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FOREX-Commodity currencies make the running on China hopes

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FOREX-Commodity currencies make the running on China hopes

Thu Sep 9, 2010 8:42pm EDT

* Growth currencies in demand before China data

* Dollar creeps above 84 yen, aided by rising yields

SYDNEY, Sept 10 (Reuters) - Commodity currencies hovered near recent highs on Friday, while the majors languished, as investors hoped for another bumper China trade data that would show the world's second-biggest economy is still growing at a solid clip. With Asian bourses likely to mirror the overnight bounce in U.S. stocks after encouraging U.S. data [ID:nN09174403], demand for riskier assets found further support at the margins.

"Currency markets reflected a mild return of risk appetites, with commodity and cyclical currencies riding the wave," said Matthew Strauss, a strategist at RBC Capital Markets.

The market expects China to show on Friday that its exports leapt 35 percent in August from a year ago, while its imports grew by over a quarter. [ID:nSGE6820DG]

If that is so, it would bode well for commodity currencies at the expense of traditional safe havens such as the U.S. dollar and yen as it means China's voracious demand for resources was still intact.

Optimism over China's growth prospects helped the Australian dollar AUD=D4 to hold near a four-month peak at $0.9227, with resistance along a weekly trendline at $0.9280. The Aussie has also made lifetime highs on the euro for three days running.

Likewise, the Canadian dollar CAD=D4 was firm at C$1.0335, and the New Zealand dollar NZD=D4 in sight of a one-month high at $0.7046.

Yet, in a sign the market's mood could swing abrubtly, as it has tended to this year, the dollar stayed in sight of a 15-year low against the yen JPY=, albeit a shade firmer at 83.91.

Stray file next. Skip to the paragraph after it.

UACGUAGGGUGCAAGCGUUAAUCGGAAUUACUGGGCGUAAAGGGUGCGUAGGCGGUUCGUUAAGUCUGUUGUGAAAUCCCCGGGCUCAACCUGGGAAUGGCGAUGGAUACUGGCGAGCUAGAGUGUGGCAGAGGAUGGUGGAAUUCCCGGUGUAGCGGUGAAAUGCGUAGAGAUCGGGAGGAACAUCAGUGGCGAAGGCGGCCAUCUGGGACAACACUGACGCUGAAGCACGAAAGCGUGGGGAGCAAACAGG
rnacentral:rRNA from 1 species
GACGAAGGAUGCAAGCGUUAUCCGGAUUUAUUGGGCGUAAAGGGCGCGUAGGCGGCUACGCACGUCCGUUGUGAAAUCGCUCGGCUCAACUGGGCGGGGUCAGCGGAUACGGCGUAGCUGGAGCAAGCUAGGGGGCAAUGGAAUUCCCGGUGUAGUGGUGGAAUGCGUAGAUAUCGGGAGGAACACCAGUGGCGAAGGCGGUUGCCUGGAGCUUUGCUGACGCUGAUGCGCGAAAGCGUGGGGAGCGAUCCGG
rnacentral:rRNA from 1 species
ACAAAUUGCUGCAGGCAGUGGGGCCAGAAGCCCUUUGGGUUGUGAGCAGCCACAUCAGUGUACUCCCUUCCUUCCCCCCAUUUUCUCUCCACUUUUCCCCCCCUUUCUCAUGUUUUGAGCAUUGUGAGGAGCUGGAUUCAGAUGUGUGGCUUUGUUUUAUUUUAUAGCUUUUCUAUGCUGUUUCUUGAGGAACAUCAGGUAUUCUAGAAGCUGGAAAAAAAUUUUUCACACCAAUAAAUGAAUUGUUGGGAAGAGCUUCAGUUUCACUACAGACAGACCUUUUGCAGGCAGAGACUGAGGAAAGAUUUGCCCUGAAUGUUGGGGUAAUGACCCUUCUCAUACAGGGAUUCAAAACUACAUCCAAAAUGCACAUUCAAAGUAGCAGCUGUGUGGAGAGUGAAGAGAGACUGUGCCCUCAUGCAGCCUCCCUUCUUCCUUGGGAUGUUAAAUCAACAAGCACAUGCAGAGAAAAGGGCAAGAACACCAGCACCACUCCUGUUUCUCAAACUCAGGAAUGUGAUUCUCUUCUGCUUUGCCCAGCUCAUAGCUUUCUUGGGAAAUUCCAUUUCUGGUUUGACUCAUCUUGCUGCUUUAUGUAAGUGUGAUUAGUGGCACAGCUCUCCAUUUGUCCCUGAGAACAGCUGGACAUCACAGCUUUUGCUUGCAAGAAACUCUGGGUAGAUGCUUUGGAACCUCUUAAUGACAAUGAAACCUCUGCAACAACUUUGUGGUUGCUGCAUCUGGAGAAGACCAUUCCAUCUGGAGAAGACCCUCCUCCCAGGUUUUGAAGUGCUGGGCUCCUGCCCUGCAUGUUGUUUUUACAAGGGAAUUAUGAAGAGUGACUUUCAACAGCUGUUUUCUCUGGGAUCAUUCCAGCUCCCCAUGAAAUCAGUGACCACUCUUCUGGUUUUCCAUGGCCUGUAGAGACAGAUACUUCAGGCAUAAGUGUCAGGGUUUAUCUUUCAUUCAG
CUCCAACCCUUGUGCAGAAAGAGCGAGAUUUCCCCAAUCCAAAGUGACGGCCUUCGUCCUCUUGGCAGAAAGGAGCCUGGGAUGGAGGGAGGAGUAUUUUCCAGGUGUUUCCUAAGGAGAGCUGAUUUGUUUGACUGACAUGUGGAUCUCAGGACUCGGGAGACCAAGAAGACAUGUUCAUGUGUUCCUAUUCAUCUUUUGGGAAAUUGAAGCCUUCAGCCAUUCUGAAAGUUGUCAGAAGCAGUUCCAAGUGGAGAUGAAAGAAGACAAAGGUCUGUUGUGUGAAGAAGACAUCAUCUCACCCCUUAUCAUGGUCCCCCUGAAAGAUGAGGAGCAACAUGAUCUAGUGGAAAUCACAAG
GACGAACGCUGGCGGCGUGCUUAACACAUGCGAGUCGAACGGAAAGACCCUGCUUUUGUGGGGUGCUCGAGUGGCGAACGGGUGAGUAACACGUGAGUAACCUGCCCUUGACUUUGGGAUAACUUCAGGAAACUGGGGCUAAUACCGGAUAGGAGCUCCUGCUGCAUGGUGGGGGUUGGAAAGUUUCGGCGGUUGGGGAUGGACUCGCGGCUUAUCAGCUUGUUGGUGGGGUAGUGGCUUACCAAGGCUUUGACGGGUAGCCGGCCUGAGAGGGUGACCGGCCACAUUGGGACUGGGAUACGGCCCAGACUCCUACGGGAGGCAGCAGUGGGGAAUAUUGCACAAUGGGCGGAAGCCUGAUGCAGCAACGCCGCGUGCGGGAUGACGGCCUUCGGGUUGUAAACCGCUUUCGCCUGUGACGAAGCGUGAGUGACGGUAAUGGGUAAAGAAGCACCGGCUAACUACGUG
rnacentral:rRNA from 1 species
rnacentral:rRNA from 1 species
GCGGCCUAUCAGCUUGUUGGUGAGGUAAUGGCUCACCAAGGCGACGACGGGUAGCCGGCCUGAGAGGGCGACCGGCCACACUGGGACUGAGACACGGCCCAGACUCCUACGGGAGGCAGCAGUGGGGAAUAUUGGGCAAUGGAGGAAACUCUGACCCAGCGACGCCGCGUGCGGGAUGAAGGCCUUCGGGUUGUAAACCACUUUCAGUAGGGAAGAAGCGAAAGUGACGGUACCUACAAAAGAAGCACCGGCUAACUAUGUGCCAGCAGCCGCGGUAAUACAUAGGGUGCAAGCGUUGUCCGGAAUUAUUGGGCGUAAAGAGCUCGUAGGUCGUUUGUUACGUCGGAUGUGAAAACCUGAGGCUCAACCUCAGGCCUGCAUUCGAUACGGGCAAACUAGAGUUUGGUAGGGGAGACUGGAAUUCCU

Speculation about whether Tokyo would intervene to curb the strong yen and shield Japanese exporters took a back seat in early trade, although minutes to the Bank of Japan's August policy meeting showed it had its eyes on the yen. [ID:nSGE6820DG]

The dollar had hit a 15-year trough of 83.34 yen on the trading platform EBS on Wednesday.

Traders in Tokyo said stop-loss buy orders were seen at 84 yen, and that the dollar should get reprieve against the yen on Friday as Japanese importers were buying the U.S. currency.

Westpac, for one, agreed the dollar was a good buy against the yen at present levels because U.S. and Japanese rate differentials had shifted in the U.S. dollar's favour.

"The 10-year U.S. yield has pushed above the downtrend resistance line in place since early April," Westpac said.

But it advised investors to buy the U.S. dollar against the yen through a call option with a strike price at 85 yen, instead of trading the currencies outright as it feared a sudden turn in risk appetites.

The marginally weaker yen helped the euro to edge up to 106.64 yen EURJPY=R, but still in sight of a nine-year low of 105.41 struck in late August.

The euro EUR=, which was recently pummelled after traders seized on resurging fears about Europe's fiscal health as an excuse to sell the common currency, was a touch softer on the U.S. dollar at $1.2682.

Charts suggested the euro should find support around its 100-day moving average of $1.2658. (Additional reporting by Hideyuki Sano) (Reporting by Koh Gui Qing)

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